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Google, Yahoo, Amazon, Facebook and Twitter Set Sights on SMBs

Google introduces Google My Business; Yahoo “wants to help people worldwide to start, build and grow their businesses”; Amazon is reportedly launching a marketplace for local service providers; Facebook is traveling the country courting SMB advertisers; and Twitter develops an online SMB curriculum for Twitter Ads. All of this news crossed the wire within the last two months and highlights just how intense the SMB marketing and advertising space is becoming.

According to Google, Google My Business looks to make it “easier than ever to update business information across Google Search, Maps and Google+.” In the past, managing local listings and content across all of Google’s properties has been difficult for SMBs, but this new tool represents a strong commitment to SMBs.

Another search giant – Yahoo –  is developing stronger tools for SMBs. According to a report from the Silicon Valley Business Journal, Yahoo is working on a tool that interprets sales, visits and conversion data to provide businesses with recommendations on what advertising and marketing solutions they should invest in. For instance, if mobile is a strong fit for a business, Yahoo would recommend its mobile ad product, Yahoo Gemini.

One of the biggest stories comes from Amazon. The company has plans to launch a new marketplace for local services, according to a report from Reuters. The new offering will compete directly with existing local market players such as Yelp and Angie’s List, as well as home improvement chains such as Home Depot and Lowe’s,  which provide resources for customers to connect with local service providers.

The social media players that are investing in SMBs are pleased to see that businesses are increasing their marketing spend and time spent on social. According to a recent study by Social Media Marketing University, the majority (54.4%) of U.S. SMB marketers said they had increased their social media marketing spend this year.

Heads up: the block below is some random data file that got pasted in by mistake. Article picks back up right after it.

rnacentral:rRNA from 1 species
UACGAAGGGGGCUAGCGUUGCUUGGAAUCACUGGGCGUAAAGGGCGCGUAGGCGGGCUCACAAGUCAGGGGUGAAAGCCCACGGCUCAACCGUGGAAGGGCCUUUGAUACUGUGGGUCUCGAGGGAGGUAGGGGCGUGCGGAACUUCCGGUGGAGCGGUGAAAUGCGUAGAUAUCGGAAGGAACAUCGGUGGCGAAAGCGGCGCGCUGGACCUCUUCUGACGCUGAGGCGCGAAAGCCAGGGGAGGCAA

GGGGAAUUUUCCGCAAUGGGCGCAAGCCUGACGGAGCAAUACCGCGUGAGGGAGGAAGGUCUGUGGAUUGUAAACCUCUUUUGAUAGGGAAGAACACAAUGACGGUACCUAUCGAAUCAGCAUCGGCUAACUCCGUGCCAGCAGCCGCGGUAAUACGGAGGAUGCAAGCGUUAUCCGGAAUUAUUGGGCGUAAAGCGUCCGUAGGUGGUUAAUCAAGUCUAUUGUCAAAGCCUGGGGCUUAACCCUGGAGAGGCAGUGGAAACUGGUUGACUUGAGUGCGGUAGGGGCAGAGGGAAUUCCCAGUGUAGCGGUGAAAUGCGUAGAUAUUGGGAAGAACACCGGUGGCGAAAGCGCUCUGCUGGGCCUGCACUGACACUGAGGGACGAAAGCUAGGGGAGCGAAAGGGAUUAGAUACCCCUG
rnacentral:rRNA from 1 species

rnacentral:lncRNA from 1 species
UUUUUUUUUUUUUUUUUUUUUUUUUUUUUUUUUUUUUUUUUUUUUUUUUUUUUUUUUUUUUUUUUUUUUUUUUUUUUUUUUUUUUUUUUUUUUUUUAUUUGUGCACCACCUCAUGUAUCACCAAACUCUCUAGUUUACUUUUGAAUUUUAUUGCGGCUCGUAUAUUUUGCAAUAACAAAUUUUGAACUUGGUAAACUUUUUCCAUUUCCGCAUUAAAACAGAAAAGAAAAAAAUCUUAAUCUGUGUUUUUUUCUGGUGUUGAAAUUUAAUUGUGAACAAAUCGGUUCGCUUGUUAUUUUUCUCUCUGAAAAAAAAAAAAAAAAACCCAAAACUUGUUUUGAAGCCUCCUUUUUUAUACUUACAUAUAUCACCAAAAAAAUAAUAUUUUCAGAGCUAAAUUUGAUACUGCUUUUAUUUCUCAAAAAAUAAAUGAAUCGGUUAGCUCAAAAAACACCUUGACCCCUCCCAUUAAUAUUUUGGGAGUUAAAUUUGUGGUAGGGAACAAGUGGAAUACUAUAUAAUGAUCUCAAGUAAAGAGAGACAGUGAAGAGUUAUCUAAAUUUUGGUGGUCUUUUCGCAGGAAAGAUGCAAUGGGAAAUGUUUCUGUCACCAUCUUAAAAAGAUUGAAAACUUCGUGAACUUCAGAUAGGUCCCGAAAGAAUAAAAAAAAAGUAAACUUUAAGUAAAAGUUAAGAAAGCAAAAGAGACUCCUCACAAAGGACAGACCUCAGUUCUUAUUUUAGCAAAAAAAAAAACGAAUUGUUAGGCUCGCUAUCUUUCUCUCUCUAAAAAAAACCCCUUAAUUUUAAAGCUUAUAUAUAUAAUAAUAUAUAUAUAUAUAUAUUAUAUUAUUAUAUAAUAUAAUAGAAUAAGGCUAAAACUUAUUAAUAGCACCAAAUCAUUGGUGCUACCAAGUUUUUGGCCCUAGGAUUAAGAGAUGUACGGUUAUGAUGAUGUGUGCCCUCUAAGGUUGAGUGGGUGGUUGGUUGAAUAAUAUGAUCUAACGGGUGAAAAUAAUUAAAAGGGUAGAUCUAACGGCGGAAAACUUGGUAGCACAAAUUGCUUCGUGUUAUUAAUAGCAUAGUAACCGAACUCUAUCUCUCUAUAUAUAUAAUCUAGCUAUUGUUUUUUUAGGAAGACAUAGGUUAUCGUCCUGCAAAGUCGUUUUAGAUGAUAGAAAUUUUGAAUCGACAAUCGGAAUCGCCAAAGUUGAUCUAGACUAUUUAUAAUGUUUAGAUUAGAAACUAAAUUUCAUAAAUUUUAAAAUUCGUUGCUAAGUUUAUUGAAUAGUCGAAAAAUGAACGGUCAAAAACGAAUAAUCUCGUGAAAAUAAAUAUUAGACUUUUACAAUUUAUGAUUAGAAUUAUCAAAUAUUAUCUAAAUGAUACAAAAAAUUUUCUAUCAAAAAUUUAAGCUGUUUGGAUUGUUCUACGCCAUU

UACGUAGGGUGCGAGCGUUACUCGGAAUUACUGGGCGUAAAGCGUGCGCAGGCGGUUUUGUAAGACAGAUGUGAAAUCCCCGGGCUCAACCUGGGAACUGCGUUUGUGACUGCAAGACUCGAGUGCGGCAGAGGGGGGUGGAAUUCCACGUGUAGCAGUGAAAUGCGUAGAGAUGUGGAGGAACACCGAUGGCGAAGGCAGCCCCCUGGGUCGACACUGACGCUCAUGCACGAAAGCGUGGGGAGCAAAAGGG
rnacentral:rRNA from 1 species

For Facebook, traveling the country to New York City, Chicago, Miami, Austin and Menlo Park, is just the beginning of efforts to capture more SMB ad dollars. These “Facebook Fit” workshops follow the launch of the Small and Medium Business Council, which aims to put more of a face behind Facebook, build a small business community and boost advocacy.

Twitter is entering the second year with its self-serve ad products and is simply trying to promote the ad solution. With an emphasis on education, the company has developed “an awful lot” of content, including an online SMB curriculum, intended to help marketers reach customers on Twitter.

The local space is clearly heating up, and this is great news for SMBs. More competition within the space should lead to better price points. On the other hand, providers of local advertising and marketing solutions will need to have products and solutions that differentiate themselves from the rest of the pack with measurable ROI and transparent practices.

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